Professor Dr. Julius Hackethal, a foremost surgeon in Germany.

Experimental [animal] models are far removed from clinical reality...[some] investigators, for instance, measure brain damage in mice by the animals' ability to grasp a string....

Scientific American, September 1987.

[Re Muscular Dystrophy animal research]: In the dog and man the degenerative and fibrotic aspects predominate...leading to severe clinical disability. By contrast, in the mouse and the cat there is little fibrosis... This interspecies variation in pathological response limits the usefulness of these animals as models of therapeutic testing.

'Review', Neuropathology and Applied Neurobiology, 1991;17:353-363.

Experiments on animals lead inevitably to experiments on people...As if an animal experiment could ever predict the same result on a person. And as if an experiment on one human being could enable us to foresee the reactions of another human being, whose biology and metabolism are different, whose blood pressure is different, whose lifestyle and age and nourishment and sensitivity and genes and everything else are different...We recognise that each single organism, whether human or animal, has its very own reactions...Today's orthodox medicine and suppressive surgery don't understand the purpose of disease and therefore don't know how to treat it.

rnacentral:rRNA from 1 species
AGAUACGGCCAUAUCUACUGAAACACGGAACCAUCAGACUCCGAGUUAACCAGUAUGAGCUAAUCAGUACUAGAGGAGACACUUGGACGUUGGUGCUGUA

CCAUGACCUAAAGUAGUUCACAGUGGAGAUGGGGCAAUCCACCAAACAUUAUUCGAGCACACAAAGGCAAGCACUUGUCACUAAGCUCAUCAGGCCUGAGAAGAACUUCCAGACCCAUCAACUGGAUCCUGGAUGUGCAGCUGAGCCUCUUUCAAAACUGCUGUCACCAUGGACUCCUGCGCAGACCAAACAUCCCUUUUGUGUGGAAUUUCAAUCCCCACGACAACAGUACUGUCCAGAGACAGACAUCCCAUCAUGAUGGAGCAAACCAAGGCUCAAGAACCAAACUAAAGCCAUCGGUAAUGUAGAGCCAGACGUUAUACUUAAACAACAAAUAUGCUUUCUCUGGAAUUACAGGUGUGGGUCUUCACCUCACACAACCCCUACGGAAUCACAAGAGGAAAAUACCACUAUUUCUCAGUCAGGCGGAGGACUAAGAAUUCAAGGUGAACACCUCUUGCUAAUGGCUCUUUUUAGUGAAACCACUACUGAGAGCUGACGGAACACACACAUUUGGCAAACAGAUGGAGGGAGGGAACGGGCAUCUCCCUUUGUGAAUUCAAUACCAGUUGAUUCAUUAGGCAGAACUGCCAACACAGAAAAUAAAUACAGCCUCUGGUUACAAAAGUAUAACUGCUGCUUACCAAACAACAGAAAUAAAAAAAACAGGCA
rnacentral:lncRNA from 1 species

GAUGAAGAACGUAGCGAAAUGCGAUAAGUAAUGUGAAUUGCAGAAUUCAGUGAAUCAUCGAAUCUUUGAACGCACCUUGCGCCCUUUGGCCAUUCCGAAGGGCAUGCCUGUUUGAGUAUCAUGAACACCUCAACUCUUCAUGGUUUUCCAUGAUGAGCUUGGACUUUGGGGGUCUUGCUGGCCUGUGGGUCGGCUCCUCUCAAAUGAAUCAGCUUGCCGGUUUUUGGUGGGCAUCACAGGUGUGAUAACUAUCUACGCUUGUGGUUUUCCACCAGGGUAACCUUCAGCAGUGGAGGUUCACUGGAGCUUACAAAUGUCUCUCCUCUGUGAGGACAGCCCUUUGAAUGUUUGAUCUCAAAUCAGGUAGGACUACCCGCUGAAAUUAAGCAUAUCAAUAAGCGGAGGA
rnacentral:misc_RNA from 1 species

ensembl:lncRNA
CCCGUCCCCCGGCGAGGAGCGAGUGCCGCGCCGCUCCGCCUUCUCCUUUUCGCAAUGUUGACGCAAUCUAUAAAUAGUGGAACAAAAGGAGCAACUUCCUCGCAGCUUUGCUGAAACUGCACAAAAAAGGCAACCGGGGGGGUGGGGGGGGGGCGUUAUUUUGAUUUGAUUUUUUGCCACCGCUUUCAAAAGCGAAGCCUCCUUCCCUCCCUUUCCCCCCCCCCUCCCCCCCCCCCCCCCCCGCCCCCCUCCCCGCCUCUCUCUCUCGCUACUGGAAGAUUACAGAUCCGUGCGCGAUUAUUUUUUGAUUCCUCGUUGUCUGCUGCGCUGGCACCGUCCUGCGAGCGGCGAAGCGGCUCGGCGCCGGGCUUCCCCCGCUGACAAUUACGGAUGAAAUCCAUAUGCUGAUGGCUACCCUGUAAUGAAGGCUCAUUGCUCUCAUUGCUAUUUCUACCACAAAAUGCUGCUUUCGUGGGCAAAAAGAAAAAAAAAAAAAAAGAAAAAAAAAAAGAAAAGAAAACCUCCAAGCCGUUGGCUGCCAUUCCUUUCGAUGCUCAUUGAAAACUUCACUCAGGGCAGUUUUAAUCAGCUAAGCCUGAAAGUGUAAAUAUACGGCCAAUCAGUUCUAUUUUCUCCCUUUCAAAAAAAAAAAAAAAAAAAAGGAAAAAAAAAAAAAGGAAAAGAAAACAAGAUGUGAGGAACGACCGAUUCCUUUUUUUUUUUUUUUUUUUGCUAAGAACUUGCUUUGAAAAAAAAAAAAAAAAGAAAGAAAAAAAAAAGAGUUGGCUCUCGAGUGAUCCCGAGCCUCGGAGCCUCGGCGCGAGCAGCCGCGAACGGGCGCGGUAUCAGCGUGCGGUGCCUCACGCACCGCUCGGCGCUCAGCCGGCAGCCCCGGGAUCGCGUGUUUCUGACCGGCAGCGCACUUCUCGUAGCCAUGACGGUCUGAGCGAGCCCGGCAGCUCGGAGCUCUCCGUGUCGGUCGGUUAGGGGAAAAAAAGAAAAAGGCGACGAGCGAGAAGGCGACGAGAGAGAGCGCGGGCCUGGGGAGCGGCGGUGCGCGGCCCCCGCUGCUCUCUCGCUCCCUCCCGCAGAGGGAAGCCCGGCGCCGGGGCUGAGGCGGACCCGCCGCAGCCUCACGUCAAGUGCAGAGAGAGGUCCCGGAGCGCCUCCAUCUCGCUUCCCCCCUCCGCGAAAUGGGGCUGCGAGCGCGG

A real doctor's experience derives from his natural intuition coupled with his observation at the sickbed, but never from invasive, violent experiments on people, and much less on animals. Instead of vital hygiene, which aims at preservation or reconstruction of health by natural means and shuns all use of degrading, destructive chemicals, today's medical students are only taught to manipulate poisons and mutilate bodies. We demand that this be changed.

Prof. Andre Passebecq, M.D., N.D., D.Psyc., 1989, Faculty of Medicine of Paris.

Giving cancer to laboratory animals has not and will not help us to understand the disease or to treat those persons suffering from it.

Dr. A. Sabin, 1986, developer of the oral polio vaccine.

There are many known differences between chimps and humans. Certainly there are enough differences to make the use of chimps for medical experiments as if they were human nonsensical. No chimps...have been of any use in the experiments they were used for...The whole wretched business (and it is big business) should be stopped and stopped now.